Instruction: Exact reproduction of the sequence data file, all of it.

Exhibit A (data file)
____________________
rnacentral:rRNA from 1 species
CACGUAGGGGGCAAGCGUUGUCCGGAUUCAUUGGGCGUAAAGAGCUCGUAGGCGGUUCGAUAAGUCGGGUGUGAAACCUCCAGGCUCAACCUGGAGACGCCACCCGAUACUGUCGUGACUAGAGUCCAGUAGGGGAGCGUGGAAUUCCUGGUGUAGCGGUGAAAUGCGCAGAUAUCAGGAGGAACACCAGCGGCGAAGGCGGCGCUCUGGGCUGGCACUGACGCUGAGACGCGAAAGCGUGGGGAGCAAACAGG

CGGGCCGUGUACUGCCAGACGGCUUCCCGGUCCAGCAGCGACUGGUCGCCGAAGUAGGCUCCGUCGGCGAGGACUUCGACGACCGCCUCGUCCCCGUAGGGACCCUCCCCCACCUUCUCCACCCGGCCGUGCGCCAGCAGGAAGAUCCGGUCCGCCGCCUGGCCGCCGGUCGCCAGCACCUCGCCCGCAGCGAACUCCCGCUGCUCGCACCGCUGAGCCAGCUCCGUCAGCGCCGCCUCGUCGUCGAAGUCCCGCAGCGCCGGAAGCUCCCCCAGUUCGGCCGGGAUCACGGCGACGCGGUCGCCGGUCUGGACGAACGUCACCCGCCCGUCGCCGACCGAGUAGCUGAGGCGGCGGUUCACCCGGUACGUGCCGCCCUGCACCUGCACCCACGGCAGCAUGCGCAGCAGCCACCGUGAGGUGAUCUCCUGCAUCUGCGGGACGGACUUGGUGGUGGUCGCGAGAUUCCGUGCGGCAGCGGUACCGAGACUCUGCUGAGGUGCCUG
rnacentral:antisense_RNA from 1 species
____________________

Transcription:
rnacentral:rRNA from 1 species
CACGUAGGGGGCAAGCGUUGUCCGGAUUCAUUGGGCGUAAAGAGCUCGUAGGCGGUUCGAUAAGUCGGGUGUGAAACCUCCAGGCUCAACCUGGAGACGCCACCCGAUACUGUCGUGACUAGAGUCCAGUAGGGGAGCGUGGAAUUCCUGGUGUAGCGGUGAAAUGCGCAGAUAUCAGGAGGAACACCAGCGGCGAAGGCGGCGCUCUGGGCUGGCACUGACGCUGAGACGCGAAAGCGUGGGGAGCAAACAGG

CGGGCCGUGUACUGCCAGACGGCUUCCCGGUCCAGCAGCGACUGGUCGCCGAAGUAGGCUCCGUCGGCGAGGACUUCGACGACCGCCUCGUCCCCGUAGGGACCCUCCCCCACCUUCUCCACCCGGCCGUGCGCCAGCAGGAAGAUCCGGUCCGCCGCCUGGCCGCCGGUCGCCAGCACCUCGCCCGCAGCGAACUCCCGCUGCUCGCACCGCUGAGCCAGCUCCGUCAGCGCCGCCUCGUCGUCGAAGUCCCGCAGCGCCGGAAGCUCCCCCAGUUCGGCCGGGAUCACGGCGACGCGGUCGCCGGUCUGGACGAACGUCACCCGCCCGUCGCCGACCGAGUAGCUGAGGCGGCGGUUCACCCGGUACGUGCCGCCCUGCACCUGCACCCACGGCAGCAUGCGCAGCAGCCACCGUGAGGUGAUCUCCUGCAUCUGCGGGACGGACUUGGUGGUGGUCGCGAGAUUCCGUGCGGCAGCGGUACCGAGACUCUGCUGAGGUGCCUG
rnacentral:antisense_RNA from 1 species